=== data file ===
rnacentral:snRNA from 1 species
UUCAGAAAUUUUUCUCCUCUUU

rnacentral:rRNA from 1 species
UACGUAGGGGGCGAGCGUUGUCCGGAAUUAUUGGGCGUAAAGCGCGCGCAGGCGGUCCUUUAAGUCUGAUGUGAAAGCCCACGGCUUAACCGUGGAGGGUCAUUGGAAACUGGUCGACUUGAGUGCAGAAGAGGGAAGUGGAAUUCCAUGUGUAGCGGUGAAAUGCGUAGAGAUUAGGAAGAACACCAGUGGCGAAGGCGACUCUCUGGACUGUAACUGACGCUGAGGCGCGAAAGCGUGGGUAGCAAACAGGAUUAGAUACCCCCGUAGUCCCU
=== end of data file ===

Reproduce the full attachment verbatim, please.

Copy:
rnacentral:snRNA from 1 species
UUCAGAAAUUUUUCUCCUCUUU

rnacentral:rRNA from 1 species
UACGUAGGGGGCGAGCGUUGUCCGGAAUUAUUGGGCGUAAAGCGCGCGCAGGCGGUCCUUUAAGUCUGAUGUGAAAGCCCACGGCUUAACCGUGGAGGGUCAUUGGAAACUGGUCGACUUGAGUGCAGAAGAGGGAAGUGGAAUUCCAUGUGUAGCGGUGAAAUGCGUAGAGAUUAGGAAGAACACCAGUGGCGAAGGCGACUCUCUGGACUGUAACUGACGCUGAGGCGCGAAAGCGUGGGUAGCAAACAGGAUUAGAUACCCCCGUAGUCCCU